Hydropower in Turkey: Economical, social and environmental aspects and legal challenges

2013-08-01
Turkey, as a rapidly developing and industrializing country, is in need of reliable, inexpensive, and high quality energy. The main energy sources of Turkey are coal, natural gas and hydropower. However, almost all the natural gas and high quality coal is imported. Thus, hydropower is the main domestic energy source. According to the State Hydraulic Works (SHW), the primary executive state agency responsible for the planning, operation, and management of water resources, Turkey has an economically viable hydroelectric potential of 140,000 GWh/year. Currently, around 35% of this potential is utilized. Increasing the share of hydropower in the energy budget of Turkey will reduce dependency on foreign energy sources. However, development of the unused hydropower potential, especially through run-of-river plants, has caused many problems in the country. Run-of-river plants are small hydropower plants (SHPPs) usually with no storage. Electricity Market Law No. 4628 which came into effect in February 2001 was a major step towards the privatization of the electricity sector. The law enabled planning and construction of SHPPs by the private sector. This created a big market for consulting firms which prepare feasibility reports, construction companies, and companies that own and operate these SHPPs. However, due to inadequate water resources management strategies, rivers are impaired; their natural flows are disturbed to generate electricity without paying necessary attention to components of the ecosystem and the needs and concerns of local residents. Thus, Turkey faces a challenging problem: Maximizing the utilization of hydropower which is the main domestic energy source while maintaining environmentally conscious and sustainable development. This study aims to explain the change in the contribution of hydropower in the energy budget of Turkey with time and current social and environmental problems associated particularly with SHPPs. Issues requiring immediate attention to facilitate sustainable development of hydropower potential are identified.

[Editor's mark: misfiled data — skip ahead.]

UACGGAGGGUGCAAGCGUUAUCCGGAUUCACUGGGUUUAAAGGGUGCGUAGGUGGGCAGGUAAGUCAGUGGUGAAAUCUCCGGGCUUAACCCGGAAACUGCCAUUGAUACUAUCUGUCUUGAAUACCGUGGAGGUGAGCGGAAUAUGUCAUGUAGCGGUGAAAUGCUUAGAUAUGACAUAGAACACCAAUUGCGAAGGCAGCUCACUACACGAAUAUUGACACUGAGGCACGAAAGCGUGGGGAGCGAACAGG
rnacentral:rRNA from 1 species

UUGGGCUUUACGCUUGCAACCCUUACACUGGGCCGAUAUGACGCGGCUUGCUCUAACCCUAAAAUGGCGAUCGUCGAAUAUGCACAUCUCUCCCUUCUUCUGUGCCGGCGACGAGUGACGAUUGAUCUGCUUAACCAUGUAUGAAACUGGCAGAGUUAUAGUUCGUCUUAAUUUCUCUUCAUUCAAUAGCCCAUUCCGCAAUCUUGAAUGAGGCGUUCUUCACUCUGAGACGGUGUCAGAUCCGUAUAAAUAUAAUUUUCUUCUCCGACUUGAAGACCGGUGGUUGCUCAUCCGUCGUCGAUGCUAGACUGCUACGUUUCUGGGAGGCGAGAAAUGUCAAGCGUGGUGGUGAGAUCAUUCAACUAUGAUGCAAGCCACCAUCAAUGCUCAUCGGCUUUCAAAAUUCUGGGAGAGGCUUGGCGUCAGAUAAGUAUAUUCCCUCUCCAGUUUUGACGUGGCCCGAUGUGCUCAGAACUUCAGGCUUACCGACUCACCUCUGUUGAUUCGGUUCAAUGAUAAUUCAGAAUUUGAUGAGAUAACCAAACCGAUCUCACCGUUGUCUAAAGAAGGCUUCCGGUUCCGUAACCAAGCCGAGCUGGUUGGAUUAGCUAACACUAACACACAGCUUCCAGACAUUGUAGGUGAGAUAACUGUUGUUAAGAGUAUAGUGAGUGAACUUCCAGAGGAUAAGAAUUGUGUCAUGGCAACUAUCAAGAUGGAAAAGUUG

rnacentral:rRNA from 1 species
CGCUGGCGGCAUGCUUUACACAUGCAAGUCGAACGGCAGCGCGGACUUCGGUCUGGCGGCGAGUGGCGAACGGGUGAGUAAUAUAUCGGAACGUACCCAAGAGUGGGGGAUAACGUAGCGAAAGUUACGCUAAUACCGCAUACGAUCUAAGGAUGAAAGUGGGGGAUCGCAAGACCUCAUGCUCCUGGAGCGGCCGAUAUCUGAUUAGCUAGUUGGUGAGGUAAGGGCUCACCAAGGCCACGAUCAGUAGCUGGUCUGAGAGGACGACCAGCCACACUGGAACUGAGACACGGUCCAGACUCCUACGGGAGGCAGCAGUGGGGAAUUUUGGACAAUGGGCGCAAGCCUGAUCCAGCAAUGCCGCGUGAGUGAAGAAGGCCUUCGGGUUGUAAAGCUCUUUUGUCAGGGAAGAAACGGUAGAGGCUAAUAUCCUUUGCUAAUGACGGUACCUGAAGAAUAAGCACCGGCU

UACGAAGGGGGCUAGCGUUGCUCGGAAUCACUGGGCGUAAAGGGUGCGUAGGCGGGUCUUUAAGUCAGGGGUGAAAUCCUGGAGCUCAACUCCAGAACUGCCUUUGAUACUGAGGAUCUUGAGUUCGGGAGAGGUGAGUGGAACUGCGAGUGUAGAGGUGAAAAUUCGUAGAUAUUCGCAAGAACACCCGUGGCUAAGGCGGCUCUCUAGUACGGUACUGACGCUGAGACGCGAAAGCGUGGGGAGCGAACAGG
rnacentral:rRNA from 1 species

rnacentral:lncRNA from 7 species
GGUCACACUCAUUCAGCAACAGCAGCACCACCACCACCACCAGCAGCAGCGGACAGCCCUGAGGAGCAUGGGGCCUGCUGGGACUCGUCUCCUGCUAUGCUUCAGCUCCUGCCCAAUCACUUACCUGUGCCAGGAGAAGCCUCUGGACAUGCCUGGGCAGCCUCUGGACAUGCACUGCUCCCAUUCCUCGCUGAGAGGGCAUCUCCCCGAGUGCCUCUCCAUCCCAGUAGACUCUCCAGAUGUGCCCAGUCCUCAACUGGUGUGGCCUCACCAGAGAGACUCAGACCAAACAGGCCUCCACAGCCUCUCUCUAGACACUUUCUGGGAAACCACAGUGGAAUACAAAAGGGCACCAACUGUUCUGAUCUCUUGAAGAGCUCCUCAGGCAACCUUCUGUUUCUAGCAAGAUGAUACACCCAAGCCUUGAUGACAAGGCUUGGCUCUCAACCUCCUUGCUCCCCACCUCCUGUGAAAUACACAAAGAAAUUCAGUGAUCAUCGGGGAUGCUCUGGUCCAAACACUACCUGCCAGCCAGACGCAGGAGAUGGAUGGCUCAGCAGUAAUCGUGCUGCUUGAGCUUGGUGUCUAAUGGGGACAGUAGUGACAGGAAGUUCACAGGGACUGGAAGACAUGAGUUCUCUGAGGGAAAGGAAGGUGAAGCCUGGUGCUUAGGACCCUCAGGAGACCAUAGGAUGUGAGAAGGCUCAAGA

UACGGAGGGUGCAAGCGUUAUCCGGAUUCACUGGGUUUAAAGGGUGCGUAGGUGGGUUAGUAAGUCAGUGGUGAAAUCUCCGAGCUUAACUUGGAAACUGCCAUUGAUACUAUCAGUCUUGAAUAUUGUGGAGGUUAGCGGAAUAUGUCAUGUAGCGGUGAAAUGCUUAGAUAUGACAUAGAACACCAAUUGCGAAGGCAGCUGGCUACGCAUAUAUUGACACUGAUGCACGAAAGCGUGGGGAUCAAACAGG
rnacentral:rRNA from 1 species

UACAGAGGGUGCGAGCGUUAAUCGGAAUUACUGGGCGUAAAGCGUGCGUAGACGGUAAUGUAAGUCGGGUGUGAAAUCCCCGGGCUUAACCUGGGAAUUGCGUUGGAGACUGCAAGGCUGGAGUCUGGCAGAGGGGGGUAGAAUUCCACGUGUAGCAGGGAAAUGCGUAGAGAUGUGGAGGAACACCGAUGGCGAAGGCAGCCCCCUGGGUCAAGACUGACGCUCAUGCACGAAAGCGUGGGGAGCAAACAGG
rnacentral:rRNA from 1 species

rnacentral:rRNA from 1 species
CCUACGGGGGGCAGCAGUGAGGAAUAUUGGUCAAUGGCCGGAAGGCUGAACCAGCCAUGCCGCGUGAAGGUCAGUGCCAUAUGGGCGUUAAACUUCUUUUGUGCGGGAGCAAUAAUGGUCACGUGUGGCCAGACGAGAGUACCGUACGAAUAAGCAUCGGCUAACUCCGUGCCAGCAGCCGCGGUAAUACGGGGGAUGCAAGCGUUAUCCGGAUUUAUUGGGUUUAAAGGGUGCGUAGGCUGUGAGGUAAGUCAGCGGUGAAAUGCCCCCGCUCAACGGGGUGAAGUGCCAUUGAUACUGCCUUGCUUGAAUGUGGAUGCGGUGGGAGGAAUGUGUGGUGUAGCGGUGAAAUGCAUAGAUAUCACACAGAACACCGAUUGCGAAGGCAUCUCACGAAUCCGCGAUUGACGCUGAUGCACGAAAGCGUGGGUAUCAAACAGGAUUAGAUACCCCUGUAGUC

Citation Formats
E. Kentel Erdoğan and E. Alp, “Hydropower in Turkey: Economical, social and environmental aspects and legal challenges,” ENVIRONMENTAL SCIENCE & POLICY, vol. 31, pp. 34–43, 2013, Accessed: 00, 2020. [Online]. Available: https://hdl.handle.net/11511/46390.